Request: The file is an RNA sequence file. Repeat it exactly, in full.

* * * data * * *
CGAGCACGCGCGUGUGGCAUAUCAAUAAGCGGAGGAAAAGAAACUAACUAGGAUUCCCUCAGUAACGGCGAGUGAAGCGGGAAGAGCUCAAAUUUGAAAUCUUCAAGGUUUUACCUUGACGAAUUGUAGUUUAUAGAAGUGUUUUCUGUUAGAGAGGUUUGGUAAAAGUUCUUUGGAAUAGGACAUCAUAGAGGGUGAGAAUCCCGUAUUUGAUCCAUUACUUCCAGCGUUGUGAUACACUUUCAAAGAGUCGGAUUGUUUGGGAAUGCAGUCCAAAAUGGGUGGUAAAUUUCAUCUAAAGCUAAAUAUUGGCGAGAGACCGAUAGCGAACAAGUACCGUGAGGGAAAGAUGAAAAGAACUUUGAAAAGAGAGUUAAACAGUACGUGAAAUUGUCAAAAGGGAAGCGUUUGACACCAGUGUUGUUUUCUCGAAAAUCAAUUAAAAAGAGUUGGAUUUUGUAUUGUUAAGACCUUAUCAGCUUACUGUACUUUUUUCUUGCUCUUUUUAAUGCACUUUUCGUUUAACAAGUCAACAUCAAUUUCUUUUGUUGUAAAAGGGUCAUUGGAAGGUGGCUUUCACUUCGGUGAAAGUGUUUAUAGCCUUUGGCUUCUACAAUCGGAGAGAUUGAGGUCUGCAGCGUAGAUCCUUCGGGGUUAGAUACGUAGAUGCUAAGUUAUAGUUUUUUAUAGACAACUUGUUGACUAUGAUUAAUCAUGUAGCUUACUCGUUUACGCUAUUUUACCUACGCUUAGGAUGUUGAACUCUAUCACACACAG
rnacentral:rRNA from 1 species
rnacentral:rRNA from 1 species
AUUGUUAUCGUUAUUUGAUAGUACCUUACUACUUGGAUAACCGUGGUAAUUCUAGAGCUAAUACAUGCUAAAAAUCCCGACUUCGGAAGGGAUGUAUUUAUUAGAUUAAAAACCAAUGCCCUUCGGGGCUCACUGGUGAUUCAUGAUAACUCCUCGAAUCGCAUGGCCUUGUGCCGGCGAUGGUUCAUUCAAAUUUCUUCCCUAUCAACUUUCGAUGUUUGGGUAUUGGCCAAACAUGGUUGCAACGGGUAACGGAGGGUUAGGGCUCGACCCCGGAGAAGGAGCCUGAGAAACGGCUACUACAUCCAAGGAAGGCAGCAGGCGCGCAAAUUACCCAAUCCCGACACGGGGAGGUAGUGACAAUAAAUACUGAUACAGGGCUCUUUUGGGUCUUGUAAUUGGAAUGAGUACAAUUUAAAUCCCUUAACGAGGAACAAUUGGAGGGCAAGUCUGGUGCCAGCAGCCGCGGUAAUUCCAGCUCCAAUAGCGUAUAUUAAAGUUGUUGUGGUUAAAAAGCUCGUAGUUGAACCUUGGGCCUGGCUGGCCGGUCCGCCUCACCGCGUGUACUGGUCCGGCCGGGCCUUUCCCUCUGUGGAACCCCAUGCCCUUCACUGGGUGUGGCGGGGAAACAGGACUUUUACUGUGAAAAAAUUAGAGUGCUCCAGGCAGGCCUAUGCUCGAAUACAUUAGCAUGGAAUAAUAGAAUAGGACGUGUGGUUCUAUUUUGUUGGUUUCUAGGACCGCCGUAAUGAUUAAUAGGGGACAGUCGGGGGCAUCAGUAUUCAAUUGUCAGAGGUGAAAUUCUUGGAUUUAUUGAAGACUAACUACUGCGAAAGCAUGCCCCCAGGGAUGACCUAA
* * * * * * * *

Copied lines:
CGAGCACGCGCGUGUGGCAUAUCAAUAAGCGGAGGAAAAGAAACUAACUAGGAUUCCCUCAGUAACGGCGAGUGAAGCGGGAAGAGCUCAAAUUUGAAAUCUUCAAGGUUUUACCUUGACGAAUUGUAGUUUAUAGAAGUGUUUUCUGUUAGAGAGGUUUGGUAAAAGUUCUUUGGAAUAGGACAUCAUAGAGGGUGAGAAUCCCGUAUUUGAUCCAUUACUUCCAGCGUUGUGAUACACUUUCAAAGAGUCGGAUUGUUUGGGAAUGCAGUCCAAAAUGGGUGGUAAAUUUCAUCUAAAGCUAAAUAUUGGCGAGAGACCGAUAGCGAACAAGUACCGUGAGGGAAAGAUGAAAAGAACUUUGAAAAGAGAGUUAAACAGUACGUGAAAUUGUCAAAAGGGAAGCGUUUGACACCAGUGUUGUUUUCUCGAAAAUCAAUUAAAAAGAGUUGGAUUUUGUAUUGUUAAGACCUUAUCAGCUUACUGUACUUUUUUCUUGCUCUUUUUAAUGCACUUUUCGUUUAACAAGUCAACAUCAAUUUCUUUUGUUGUAAAAGGGUCAUUGGAAGGUGGCUUUCACUUCGGUGAAAGUGUUUAUAGCCUUUGGCUUCUACAAUCGGAGAGAUUGAGGUCUGCAGCGUAGAUCCUUCGGGGUUAGAUACGUAGAUGCUAAGUUAUAGUUUUUUAUAGACAACUUGUUGACUAUGAUUAAUCAUGUAGCUUACUCGUUUACGCUAUUUUACCUACGCUUAGGAUGUUGAACUCUAUCACACACAG
rnacentral:rRNA from 1 species
rnacentral:rRNA from 1 species
AUUGUUAUCGUUAUUUGAUAGUACCUUACUACUUGGAUAACCGUGGUAAUUCUAGAGCUAAUACAUGCUAAAAAUCCCGACUUCGGAAGGGAUGUAUUUAUUAGAUUAAAAACCAAUGCCCUUCGGGGCUCACUGGUGAUUCAUGAUAACUCCUCGAAUCGCAUGGCCUUGUGCCGGCGAUGGUUCAUUCAAAUUUCUUCCCUAUCAACUUUCGAUGUUUGGGUAUUGGCCAAACAUGGUUGCAACGGGUAACGGAGGGUUAGGGCUCGACCCCGGAGAAGGAGCCUGAGAAACGGCUACUACAUCCAAGGAAGGCAGCAGGCGCGCAAAUUACCCAAUCCCGACACGGGGAGGUAGUGACAAUAAAUACUGAUACAGGGCUCUUUUGGGUCUUGUAAUUGGAAUGAGUACAAUUUAAAUCCCUUAACGAGGAACAAUUGGAGGGCAAGUCUGGUGCCAGCAGCCGCGGUAAUUCCAGCUCCAAUAGCGUAUAUUAAAGUUGUUGUGGUUAAAAAGCUCGUAGUUGAACCUUGGGCCUGGCUGGCCGGUCCGCCUCACCGCGUGUACUGGUCCGGCCGGGCCUUUCCCUCUGUGGAACCCCAUGCCCUUCACUGGGUGUGGCGGGGAAACAGGACUUUUACUGUGAAAAAAUUAGAGUGCUCCAGGCAGGCCUAUGCUCGAAUACAUUAGCAUGGAAUAAUAGAAUAGGACGUGUGGUUCUAUUUUGUUGGUUUCUAGGACCGCCGUAAUGAUUAAUAGGGGACAGUCGGGGGCAUCAGUAUUCAAUUGUCAGAGGUGAAAUUCUUGGAUUUAUUGAAGACUAACUACUGCGAAAGCAUGCCCCCAGGGAUGACCUAA